Seiko Sportsmatic side view

Seiko Sportsmatic side view

Simple, yet perfect design on the Seiko Sportsmatic

The case itself on the Seiko Sportsmatic is of a very timeless design. In fact, it wouldn’t look out of place in Seiko’s current lineup and there are plenty of existing models that use a lot of similar forms. There’s clear “Seiko Language” here with the crown at 4:00, the side view showing a dip in the case to expose the bezel and nice strong lugs.

Seiko Sportsmatic case back

Seiko Sportsmatic case back

Flipping it over, we see a screw down case that exhibits one of my favorite case backs in watchdom. You can see a beautifully inscribed “Seiko 5” logo with lovely “Seiko Sportsmatic” font straight out of the 1960’s above it. Even though the Seiko 5 was introduced in 1963, these were still early days for the insignia, so to me, it just adds to the allure of the piece.

Seiko Sportsmatic crown

The painfully small Seiko Sportsmatic crown

Regarding other Seiko Sportsmatic details, when one flips the watch on its side, the crown shows at 4:00. I’ve mentioned before that I think that Seiko made its crowns fairly small due to the fact that the watches were meant to “set and forget”. Clearly, Seiko wasn’t thinking about the WIS community nearly 50 years ahead because this watch gets worn roughly once per month and it is a serious pain to set. The crown is so miniscule, that it’s almost impossible to grasp between two fingers and I generally “roll it” on my palm to advance the hands. So, yes, the crown is really the sole detractor on an otherwise brilliant watch. Speaking of brilliant, there’s that dial…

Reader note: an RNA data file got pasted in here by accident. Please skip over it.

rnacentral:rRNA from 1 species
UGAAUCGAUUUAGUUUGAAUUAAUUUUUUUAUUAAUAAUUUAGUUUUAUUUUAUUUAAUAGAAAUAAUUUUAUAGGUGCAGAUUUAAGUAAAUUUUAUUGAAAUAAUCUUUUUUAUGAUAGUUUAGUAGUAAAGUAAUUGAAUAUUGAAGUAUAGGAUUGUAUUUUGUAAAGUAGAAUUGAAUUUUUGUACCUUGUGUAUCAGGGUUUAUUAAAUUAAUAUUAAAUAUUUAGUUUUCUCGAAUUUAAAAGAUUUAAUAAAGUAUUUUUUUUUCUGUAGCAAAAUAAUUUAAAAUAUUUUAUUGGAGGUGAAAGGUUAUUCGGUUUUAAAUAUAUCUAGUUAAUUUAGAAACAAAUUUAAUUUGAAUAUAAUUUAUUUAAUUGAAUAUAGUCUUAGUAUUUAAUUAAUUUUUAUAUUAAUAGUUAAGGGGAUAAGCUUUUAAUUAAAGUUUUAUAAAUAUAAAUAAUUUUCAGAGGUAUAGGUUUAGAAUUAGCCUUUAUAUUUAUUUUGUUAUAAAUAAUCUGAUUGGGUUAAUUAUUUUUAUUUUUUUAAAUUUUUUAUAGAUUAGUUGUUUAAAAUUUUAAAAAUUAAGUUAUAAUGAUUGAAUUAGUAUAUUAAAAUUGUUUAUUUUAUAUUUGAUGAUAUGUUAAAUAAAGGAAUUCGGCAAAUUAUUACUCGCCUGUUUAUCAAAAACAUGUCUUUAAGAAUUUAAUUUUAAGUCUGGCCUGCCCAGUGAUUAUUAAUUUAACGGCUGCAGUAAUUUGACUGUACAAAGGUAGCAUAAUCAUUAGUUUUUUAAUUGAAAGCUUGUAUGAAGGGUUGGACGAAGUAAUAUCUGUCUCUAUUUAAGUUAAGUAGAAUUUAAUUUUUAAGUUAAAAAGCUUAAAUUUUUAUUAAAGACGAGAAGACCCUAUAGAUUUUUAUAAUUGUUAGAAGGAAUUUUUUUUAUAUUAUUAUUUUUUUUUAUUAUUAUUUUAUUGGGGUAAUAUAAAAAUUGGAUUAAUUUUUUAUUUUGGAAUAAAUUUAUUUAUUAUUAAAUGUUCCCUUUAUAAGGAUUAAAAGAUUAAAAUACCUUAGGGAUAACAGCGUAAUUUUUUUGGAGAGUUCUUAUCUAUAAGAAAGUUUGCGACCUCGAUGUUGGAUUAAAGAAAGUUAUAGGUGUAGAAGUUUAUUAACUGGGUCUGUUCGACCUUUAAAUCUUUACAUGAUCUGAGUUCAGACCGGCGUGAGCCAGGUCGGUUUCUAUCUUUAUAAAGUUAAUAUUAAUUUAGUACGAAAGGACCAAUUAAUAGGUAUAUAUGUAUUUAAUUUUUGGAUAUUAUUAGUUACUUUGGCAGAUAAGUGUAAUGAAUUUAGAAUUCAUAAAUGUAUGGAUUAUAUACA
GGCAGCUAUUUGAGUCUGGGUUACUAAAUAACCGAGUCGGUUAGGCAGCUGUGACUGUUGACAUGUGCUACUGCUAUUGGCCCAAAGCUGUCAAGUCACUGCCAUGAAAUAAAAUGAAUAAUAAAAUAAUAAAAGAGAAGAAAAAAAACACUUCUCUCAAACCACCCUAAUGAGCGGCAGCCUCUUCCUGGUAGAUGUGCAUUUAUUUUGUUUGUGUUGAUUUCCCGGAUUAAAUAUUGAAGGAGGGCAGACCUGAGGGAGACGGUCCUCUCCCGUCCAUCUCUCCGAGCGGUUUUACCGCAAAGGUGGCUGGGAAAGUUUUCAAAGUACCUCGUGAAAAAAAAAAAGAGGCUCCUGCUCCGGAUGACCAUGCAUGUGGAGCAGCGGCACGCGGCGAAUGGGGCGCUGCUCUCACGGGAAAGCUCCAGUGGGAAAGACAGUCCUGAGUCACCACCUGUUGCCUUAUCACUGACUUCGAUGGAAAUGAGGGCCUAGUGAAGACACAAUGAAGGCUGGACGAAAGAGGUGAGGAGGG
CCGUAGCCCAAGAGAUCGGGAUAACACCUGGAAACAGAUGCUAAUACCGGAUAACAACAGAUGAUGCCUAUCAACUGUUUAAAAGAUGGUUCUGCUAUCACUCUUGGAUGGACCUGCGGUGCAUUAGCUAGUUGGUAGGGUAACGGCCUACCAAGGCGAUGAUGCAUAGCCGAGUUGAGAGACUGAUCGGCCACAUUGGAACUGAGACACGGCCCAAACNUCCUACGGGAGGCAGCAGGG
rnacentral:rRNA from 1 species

Seiko Sportsmatic dial

Look at that gorgeous dial on the Seiko Sportsmatic!!

The absolute highlight of the Seiko Sportsmatic is its dial. If the Vulcain Panda chronograph is the prettiest blue dial I’ve ever owned, then this 6619 is the best I’ve held in gray. It radiates beautifully from the center and the sheer simplicity of its design – so little verbiage here – lets the color boom! Simple applied hour indices in the shape of v-channels abut with an upward sloping inner bezel that contains minute lines and lume plots at the hours. An applied metal Seiko logo is accompanied by font that is still used today by the brand. I’m normally not a day/date window admirer, but the rectangular opening with its chrome surround is well executed and breaks the vast space created by the dial. The day is black font on a white wheel while the date takes the opposite; it’s all perfectly done.

Seiko Sportsmatic applied logo